The mixed-effects modeling analysis indicated that there is substantial within-person variation of the ratings of epistemic emotions across different video clips. This is a useful property for an experimental stimulus set and these results demonstrated its capability to capture within-person variation of these emotions. However, the majority of this within-person variance came from participant x video clip effects, meaning that there are substantial individual differences in which magic tricks were found surprising, curious, and interesting by participants (see Fastrich et al., 2017 for a similar finding with trivia questions). Therefore, when examining epistemic emotions with these stimuli it may be ideal to assess these epistemic emotions on a participant-by-participant basis. Of course, video variance was still present, and therefore, it is possible for future studies to rely on the aggregated ratings reported in the Appendix Table 7 to compare, for example, response between high vs. low curiosity magic video clips. However, the results should be interpreted with caution given the potential for large individual differences. It is worth noting that we also observed large participant variance that is comparable to the participant x video variance (Table 3). This variance may reflect general response bias but suggest possible individual differences in the overall tendency for participants to experience epistemic emotions.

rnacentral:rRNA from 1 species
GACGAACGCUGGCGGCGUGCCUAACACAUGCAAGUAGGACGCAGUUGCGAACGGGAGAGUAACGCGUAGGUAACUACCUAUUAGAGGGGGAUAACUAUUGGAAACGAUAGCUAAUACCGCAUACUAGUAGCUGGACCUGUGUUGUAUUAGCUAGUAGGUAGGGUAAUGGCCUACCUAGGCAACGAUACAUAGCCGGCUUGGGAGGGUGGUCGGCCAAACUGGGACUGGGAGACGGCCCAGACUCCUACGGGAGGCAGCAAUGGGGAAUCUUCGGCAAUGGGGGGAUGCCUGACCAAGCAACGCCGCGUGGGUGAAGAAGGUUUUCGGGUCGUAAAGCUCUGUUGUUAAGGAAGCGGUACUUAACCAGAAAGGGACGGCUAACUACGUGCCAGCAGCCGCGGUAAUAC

One important research question for the future is to identify the source of these large individual differences. As the first step, we explored some basic demographic variables that we assessed in this experiment. First, older participants tended to have higher overall epistemic emotions. These findings are consistent with previous studies using trivia questions (Fastrich et al., 2017; McGillivray et al., 2015) but somewhat contradictory with a declining trend in curiosity-related personality traits in older age groups (Sakaki, Yagi, & Murayama, 2018). On the other hand, confidence was negatively associated with age, which is also consistent with the previous study (Jay, 2016). Second, there were no statistically significant gender differences. Gygax et al. (2019) reported that males are more motivated to discover how tricks are done than females, which is inconsistent with our results for curiosity and confidence in solution. There are some methodological differences (e.g., the participants were asked to report the solution they had guessed in their study) and the future research would be necessary for clarity in what gender differences exists in which contexts. It is possible that other basic demographic variables such as culture can explain individual differences. Unfortunately, we only collected the data from US participants and could not analyze potential cultural differences. Because we provide all the experimental materials and programs online (code for the experiment is also available on request), we are hoping that those who are interested in the topic will conduct follow-up studies with different populations to examine the role of culture in the subjective experiences of epistemic emotions. Note that, using generalizability theory, our variance decomposition estimates (Table 2) allow researchers to determine the number of video clips to be used to reliably assess such individual differences (see Brennan, 2001 for formulas).